On the day of Waed’s arrest, a camera caught Ahed shaking her fist, demanding that soldiers tell her where they were taking her brother. The Internet took over: video of the tiny, bare-armed blond girl facing down a soldier went viral. She and Nariman were invited to Istanbul, where, to their surprise, Nariman said, they were greeted at the airport by dozens of children wearing T-shirts printed with Ahed’s photo. They drove past billboards displaying Ahed’s image. Reporters followed them everywhere. Crowds gathered when they walked in the streets. They were taken to Prime Minister Recep Tayyip Erdogan in the southeastern city of Urfa, Nariman said, and flew back with him to Istanbul on his plane.

Not everyone reacted so enthusiastically. One right-wing blogger dubbed Ahed “Shirley Temper.” The Israeli news site Ynet took the images as evidence that “Palestinian protesters use children to needle I.D.F. soldiers in the hope of provoking a violent response.”

In mid-November, Israeli rockets began falling on Gaza. Protests spread throughout the West Bank. “We thought it was the start of the third intifada,” Manal told me. The demonstrations in Nabi Saleh stretched beyond their usual Friday-evening terminus. One Saturday in November, Nariman’s brother Rushdie — who worked as a policeman near Ramallah and was rarely home on Fridays — joined the shebab on the hill. He was standing beside Waed when he was hit by a rubber-coated bullet. Then the soldiers began shooting live ammunition, but Rushdie was hurt and couldn’t run. As he lay on the ground, a soldier shot him in the back from a few meters away. Nariman ran to the hillside with her video camera and found her brother lying wounded. “I wanted to attack the soldier and die with Rushdie right there, but I knew I had to be stronger than that,” Nariman said. “Why is it required of me to be more humane than they are?” Rushdie, who was 31, died two days later. An I.D.F. investigation found that soldiers fired 80 shots of live ammunition and neglected to “control the fire.” The unit’s commander was reportedly relieved of his command.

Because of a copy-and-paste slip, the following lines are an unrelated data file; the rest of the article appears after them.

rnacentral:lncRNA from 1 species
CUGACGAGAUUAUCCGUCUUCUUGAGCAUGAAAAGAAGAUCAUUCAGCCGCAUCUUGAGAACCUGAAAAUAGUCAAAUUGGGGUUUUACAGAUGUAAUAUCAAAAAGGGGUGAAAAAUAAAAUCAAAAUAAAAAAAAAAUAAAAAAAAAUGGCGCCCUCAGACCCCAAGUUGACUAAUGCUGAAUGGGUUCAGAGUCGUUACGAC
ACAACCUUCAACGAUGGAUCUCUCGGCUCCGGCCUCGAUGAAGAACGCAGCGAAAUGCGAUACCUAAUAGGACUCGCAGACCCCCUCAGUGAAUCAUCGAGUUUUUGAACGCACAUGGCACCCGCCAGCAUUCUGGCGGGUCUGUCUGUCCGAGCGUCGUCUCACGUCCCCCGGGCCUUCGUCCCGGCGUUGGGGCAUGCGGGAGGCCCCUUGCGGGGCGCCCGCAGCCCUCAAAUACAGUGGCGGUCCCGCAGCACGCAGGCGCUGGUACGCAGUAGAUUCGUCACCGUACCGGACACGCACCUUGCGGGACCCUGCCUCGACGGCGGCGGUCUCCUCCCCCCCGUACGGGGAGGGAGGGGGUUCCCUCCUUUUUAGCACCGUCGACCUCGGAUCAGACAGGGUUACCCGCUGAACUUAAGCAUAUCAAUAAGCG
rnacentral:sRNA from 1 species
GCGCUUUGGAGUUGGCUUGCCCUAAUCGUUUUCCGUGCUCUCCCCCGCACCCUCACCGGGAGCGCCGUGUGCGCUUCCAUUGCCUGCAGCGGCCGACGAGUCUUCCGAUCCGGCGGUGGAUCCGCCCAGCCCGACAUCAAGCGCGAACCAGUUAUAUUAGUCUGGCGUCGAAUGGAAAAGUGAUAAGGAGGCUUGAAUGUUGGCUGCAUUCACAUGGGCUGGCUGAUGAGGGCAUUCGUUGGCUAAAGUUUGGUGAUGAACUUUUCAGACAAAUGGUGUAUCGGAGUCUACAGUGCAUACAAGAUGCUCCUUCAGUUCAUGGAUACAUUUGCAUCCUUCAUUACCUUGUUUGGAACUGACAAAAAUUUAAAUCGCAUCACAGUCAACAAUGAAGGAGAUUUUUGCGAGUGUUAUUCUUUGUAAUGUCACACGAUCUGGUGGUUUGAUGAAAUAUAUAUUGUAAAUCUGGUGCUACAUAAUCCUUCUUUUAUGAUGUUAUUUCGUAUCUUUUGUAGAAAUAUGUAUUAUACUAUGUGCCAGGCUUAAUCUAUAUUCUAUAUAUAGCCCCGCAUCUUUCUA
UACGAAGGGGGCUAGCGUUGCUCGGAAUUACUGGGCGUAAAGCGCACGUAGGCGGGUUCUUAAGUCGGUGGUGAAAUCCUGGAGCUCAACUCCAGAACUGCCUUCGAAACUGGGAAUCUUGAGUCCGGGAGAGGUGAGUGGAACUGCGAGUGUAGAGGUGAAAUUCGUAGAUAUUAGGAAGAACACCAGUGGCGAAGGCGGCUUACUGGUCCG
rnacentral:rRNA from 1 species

When the fighting stopped in Gaza, the protests in the West Bank ceased. I went back to Nabi Saleh in January, three weeks before Bassem was expected home. The village seemed listless and depressed, as if everyone were convinced of the futility of continuing. On my first Friday back, the demonstration ended early: the shebab had a soccer match in another village. It rained the next week, and everyone went home after an hour. “We are still living the shock of Rushdie’s killing,” Mohammad told me.

Elsewhere in the West Bank, though, momentum was building. In late November, Netanyahu announced plans to build 3,400 settlement units in an area known as E1, effectively cutting off Jerusalem from the West Bank. Just before I arrived in January, popular-resistance activists tried something new, erecting a tent “village” called Bab al-Shams in E1, symbolically appropriating the methods of land confiscation employed by settlers. “The time has come now to change the rules of the game,” the organizers wrote in a news release, “for us to establish facts on the ground — our own land.” The numbers were relatively small — about 250 people took part, including Nariman and a few others from Nabi Saleh — and, on direct orders from Netanyahu, soldiers evicted everyone two days later, but the movement was once again making headlines around the globe. Copycat encampments went up all over the West Bank — some in areas where the popular resistance had not previously been active.